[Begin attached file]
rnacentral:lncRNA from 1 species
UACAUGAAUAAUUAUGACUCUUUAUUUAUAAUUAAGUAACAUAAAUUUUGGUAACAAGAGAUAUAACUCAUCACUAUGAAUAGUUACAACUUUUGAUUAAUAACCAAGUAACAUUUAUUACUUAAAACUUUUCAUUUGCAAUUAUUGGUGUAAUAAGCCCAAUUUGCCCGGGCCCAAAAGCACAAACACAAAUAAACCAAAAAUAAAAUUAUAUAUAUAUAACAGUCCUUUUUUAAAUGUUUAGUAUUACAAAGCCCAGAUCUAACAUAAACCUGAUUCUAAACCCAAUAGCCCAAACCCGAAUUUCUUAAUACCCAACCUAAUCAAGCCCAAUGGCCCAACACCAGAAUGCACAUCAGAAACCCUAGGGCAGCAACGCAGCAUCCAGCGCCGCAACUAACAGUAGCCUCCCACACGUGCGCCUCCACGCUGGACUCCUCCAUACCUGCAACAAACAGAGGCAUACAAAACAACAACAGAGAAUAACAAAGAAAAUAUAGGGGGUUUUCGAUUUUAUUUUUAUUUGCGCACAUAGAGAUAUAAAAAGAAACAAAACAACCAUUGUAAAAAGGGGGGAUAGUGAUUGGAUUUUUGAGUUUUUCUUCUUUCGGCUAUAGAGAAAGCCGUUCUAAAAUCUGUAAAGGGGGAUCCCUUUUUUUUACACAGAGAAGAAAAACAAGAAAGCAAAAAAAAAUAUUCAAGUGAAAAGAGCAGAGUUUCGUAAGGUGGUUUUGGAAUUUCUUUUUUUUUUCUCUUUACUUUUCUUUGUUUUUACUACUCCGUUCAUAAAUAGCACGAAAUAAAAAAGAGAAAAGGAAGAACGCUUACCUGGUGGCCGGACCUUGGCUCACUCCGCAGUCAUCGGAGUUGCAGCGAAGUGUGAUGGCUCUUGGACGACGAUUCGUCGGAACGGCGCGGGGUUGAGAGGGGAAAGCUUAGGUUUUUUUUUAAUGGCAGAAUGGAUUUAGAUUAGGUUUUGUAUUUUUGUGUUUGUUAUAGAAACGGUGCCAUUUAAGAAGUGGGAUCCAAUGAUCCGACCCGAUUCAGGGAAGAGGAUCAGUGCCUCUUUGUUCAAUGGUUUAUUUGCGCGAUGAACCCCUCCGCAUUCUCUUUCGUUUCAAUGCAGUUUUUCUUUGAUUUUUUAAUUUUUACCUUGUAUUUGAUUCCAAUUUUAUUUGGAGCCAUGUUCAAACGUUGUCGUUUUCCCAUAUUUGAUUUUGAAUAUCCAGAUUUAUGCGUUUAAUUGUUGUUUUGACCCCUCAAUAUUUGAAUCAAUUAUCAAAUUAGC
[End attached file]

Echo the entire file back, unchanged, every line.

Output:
rnacentral:lncRNA from 1 species
UACAUGAAUAAUUAUGACUCUUUAUUUAUAAUUAAGUAACAUAAAUUUUGGUAACAAGAGAUAUAACUCAUCACUAUGAAUAGUUACAACUUUUGAUUAAUAACCAAGUAACAUUUAUUACUUAAAACUUUUCAUUUGCAAUUAUUGGUGUAAUAAGCCCAAUUUGCCCGGGCCCAAAAGCACAAACACAAAUAAACCAAAAAUAAAAUUAUAUAUAUAUAACAGUCCUUUUUUAAAUGUUUAGUAUUACAAAGCCCAGAUCUAACAUAAACCUGAUUCUAAACCCAAUAGCCCAAACCCGAAUUUCUUAAUACCCAACCUAAUCAAGCCCAAUGGCCCAACACCAGAAUGCACAUCAGAAACCCUAGGGCAGCAACGCAGCAUCCAGCGCCGCAACUAACAGUAGCCUCCCACACGUGCGCCUCCACGCUGGACUCCUCCAUACCUGCAACAAACAGAGGCAUACAAAACAACAACAGAGAAUAACAAAGAAAAUAUAGGGGGUUUUCGAUUUUAUUUUUAUUUGCGCACAUAGAGAUAUAAAAAGAAACAAAACAACCAUUGUAAAAAGGGGGGAUAGUGAUUGGAUUUUUGAGUUUUUCUUCUUUCGGCUAUAGAGAAAGCCGUUCUAAAAUCUGUAAAGGGGGAUCCCUUUUUUUUACACAGAGAAGAAAAACAAGAAAGCAAAAAAAAAUAUUCAAGUGAAAAGAGCAGAGUUUCGUAAGGUGGUUUUGGAAUUUCUUUUUUUUUUCUCUUUACUUUUCUUUGUUUUUACUACUCCGUUCAUAAAUAGCACGAAAUAAAAAAGAGAAAAGGAAGAACGCUUACCUGGUGGCCGGACCUUGGCUCACUCCGCAGUCAUCGGAGUUGCAGCGAAGUGUGAUGGCUCUUGGACGACGAUUCGUCGGAACGGCGCGGGGUUGAGAGGGGAAAGCUUAGGUUUUUUUUUAAUGGCAGAAUGGAUUUAGAUUAGGUUUUGUAUUUUUGUGUUUGUUAUAGAAACGGUGCCAUUUAAGAAGUGGGAUCCAAUGAUCCGACCCGAUUCAGGGAAGAGGAUCAGUGCCUCUUUGUUCAAUGGUUUAUUUGCGCGAUGAACCCCUCCGCAUUCUCUUUCGUUUCAAUGCAGUUUUUCUUUGAUUUUUUAAUUUUUACCUUGUAUUUGAUUCCAAUUUUAUUUGGAGCCAUGUUCAAACGUUGUCGUUUUCCCAUAUUUGAUUUUGAAUAUCCAGAUUUAUGCGUUUAAUUGUUGUUUUGACCCCUCAAUAUUUGAAUCAAUUAUCAAAUUAGC